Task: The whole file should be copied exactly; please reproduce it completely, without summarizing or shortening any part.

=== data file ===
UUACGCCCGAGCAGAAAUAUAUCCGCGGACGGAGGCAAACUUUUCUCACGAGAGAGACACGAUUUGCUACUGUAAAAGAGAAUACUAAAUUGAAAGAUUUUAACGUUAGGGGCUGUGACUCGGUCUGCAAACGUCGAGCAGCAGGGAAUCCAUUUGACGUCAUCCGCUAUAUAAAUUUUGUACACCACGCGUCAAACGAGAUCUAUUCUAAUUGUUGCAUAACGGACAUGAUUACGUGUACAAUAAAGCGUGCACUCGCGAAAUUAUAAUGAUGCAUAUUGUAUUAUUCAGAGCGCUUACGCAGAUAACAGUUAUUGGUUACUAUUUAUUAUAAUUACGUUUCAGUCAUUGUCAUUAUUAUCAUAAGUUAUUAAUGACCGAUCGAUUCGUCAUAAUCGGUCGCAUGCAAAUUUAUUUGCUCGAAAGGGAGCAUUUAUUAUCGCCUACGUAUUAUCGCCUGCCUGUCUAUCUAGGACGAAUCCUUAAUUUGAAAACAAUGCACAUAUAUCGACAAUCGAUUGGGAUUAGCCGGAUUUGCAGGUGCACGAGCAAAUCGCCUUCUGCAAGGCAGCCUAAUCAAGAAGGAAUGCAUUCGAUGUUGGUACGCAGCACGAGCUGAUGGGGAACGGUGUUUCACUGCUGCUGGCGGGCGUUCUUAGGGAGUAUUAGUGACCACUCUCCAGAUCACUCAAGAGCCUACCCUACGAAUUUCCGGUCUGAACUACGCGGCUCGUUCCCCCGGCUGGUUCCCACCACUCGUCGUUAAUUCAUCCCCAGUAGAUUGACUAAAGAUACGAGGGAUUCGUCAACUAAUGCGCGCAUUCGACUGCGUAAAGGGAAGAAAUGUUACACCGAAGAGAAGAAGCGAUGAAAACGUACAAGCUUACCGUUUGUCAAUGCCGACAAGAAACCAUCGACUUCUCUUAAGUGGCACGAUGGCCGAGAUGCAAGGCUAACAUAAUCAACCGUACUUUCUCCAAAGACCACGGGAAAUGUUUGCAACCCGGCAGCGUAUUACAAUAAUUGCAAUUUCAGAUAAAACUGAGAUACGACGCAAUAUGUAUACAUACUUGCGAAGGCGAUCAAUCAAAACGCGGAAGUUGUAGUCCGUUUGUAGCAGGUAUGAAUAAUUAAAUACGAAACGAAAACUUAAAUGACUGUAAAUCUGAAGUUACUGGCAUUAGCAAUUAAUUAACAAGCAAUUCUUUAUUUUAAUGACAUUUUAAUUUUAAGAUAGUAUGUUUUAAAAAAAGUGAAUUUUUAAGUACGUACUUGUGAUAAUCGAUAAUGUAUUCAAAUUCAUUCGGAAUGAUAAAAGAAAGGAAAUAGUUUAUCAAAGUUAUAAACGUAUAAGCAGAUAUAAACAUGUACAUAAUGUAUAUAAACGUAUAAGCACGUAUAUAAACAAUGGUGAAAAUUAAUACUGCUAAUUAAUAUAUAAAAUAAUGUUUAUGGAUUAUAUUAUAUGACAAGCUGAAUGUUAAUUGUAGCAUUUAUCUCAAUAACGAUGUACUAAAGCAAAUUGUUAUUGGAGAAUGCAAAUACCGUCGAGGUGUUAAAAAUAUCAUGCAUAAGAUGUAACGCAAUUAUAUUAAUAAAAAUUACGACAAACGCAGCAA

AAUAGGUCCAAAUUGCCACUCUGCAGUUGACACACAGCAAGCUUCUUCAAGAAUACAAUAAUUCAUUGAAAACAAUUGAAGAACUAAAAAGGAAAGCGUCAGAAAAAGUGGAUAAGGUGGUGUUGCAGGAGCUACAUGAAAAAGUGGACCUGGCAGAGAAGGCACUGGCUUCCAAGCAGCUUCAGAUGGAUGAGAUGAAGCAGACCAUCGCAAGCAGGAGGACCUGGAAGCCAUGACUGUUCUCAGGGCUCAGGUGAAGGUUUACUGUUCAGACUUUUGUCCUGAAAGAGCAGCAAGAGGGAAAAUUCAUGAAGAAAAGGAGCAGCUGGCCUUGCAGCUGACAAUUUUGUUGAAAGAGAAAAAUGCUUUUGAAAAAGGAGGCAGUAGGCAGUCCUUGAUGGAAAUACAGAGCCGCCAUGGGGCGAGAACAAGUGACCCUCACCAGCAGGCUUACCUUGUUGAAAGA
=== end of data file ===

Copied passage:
UUACGCCCGAGCAGAAAUAUAUCCGCGGACGGAGGCAAACUUUUCUCACGAGAGAGACACGAUUUGCUACUGUAAAAGAGAAUACUAAAUUGAAAGAUUUUAACGUUAGGGGCUGUGACUCGGUCUGCAAACGUCGAGCAGCAGGGAAUCCAUUUGACGUCAUCCGCUAUAUAAAUUUUGUACACCACGCGUCAAACGAGAUCUAUUCUAAUUGUUGCAUAACGGACAUGAUUACGUGUACAAUAAAGCGUGCACUCGCGAAAUUAUAAUGAUGCAUAUUGUAUUAUUCAGAGCGCUUACGCAGAUAACAGUUAUUGGUUACUAUUUAUUAUAAUUACGUUUCAGUCAUUGUCAUUAUUAUCAUAAGUUAUUAAUGACCGAUCGAUUCGUCAUAAUCGGUCGCAUGCAAAUUUAUUUGCUCGAAAGGGAGCAUUUAUUAUCGCCUACGUAUUAUCGCCUGCCUGUCUAUCUAGGACGAAUCCUUAAUUUGAAAACAAUGCACAUAUAUCGACAAUCGAUUGGGAUUAGCCGGAUUUGCAGGUGCACGAGCAAAUCGCCUUCUGCAAGGCAGCCUAAUCAAGAAGGAAUGCAUUCGAUGUUGGUACGCAGCACGAGCUGAUGGGGAACGGUGUUUCACUGCUGCUGGCGGGCGUUCUUAGGGAGUAUUAGUGACCACUCUCCAGAUCACUCAAGAGCCUACCCUACGAAUUUCCGGUCUGAACUACGCGGCUCGUUCCCCCGGCUGGUUCCCACCACUCGUCGUUAAUUCAUCCCCAGUAGAUUGACUAAAGAUACGAGGGAUUCGUCAACUAAUGCGCGCAUUCGACUGCGUAAAGGGAAGAAAUGUUACACCGAAGAGAAGAAGCGAUGAAAACGUACAAGCUUACCGUUUGUCAAUGCCGACAAGAAACCAUCGACUUCUCUUAAGUGGCACGAUGGCCGAGAUGCAAGGCUAACAUAAUCAACCGUACUUUCUCCAAAGACCACGGGAAAUGUUUGCAACCCGGCAGCGUAUUACAAUAAUUGCAAUUUCAGAUAAAACUGAGAUACGACGCAAUAUGUAUACAUACUUGCGAAGGCGAUCAAUCAAAACGCGGAAGUUGUAGUCCGUUUGUAGCAGGUAUGAAUAAUUAAAUACGAAACGAAAACUUAAAUGACUGUAAAUCUGAAGUUACUGGCAUUAGCAAUUAAUUAACAAGCAAUUCUUUAUUUUAAUGACAUUUUAAUUUUAAGAUAGUAUGUUUUAAAAAAAGUGAAUUUUUAAGUACGUACUUGUGAUAAUCGAUAAUGUAUUCAAAUUCAUUCGGAAUGAUAAAAGAAAGGAAAUAGUUUAUCAAAGUUAUAAACGUAUAAGCAGAUAUAAACAUGUACAUAAUGUAUAUAAACGUAUAAGCACGUAUAUAAACAAUGGUGAAAAUUAAUACUGCUAAUUAAUAUAUAAAAUAAUGUUUAUGGAUUAUAUUAUAUGACAAGCUGAAUGUUAAUUGUAGCAUUUAUCUCAAUAACGAUGUACUAAAGCAAAUUGUUAUUGGAGAAUGCAAAUACCGUCGAGGUGUUAAAAAUAUCAUGCAUAAGAUGUAACGCAAUUAUAUUAAUAAAAAUUACGACAAACGCAGCAA

AAUAGGUCCAAAUUGCCACUCUGCAGUUGACACACAGCAAGCUUCUUCAAGAAUACAAUAAUUCAUUGAAAACAAUUGAAGAACUAAAAAGGAAAGCGUCAGAAAAAGUGGAUAAGGUGGUGUUGCAGGAGCUACAUGAAAAAGUGGACCUGGCAGAGAAGGCACUGGCUUCCAAGCAGCUUCAGAUGGAUGAGAUGAAGCAGACCAUCGCAAGCAGGAGGACCUGGAAGCCAUGACUGUUCUCAGGGCUCAGGUGAAGGUUUACUGUUCAGACUUUUGUCCUGAAAGAGCAGCAAGAGGGAAAAUUCAUGAAGAAAAGGAGCAGCUGGCCUUGCAGCUGACAAUUUUGUUGAAAGAGAAAAAUGCUUUUGAAAAAGGAGGCAGUAGGCAGUCCUUGAUGGAAAUACAGAGCCGCCAUGGGGCGAGAACAAGUGACCCUCACCAGCAGGCUUACCUUGUUGAAAGA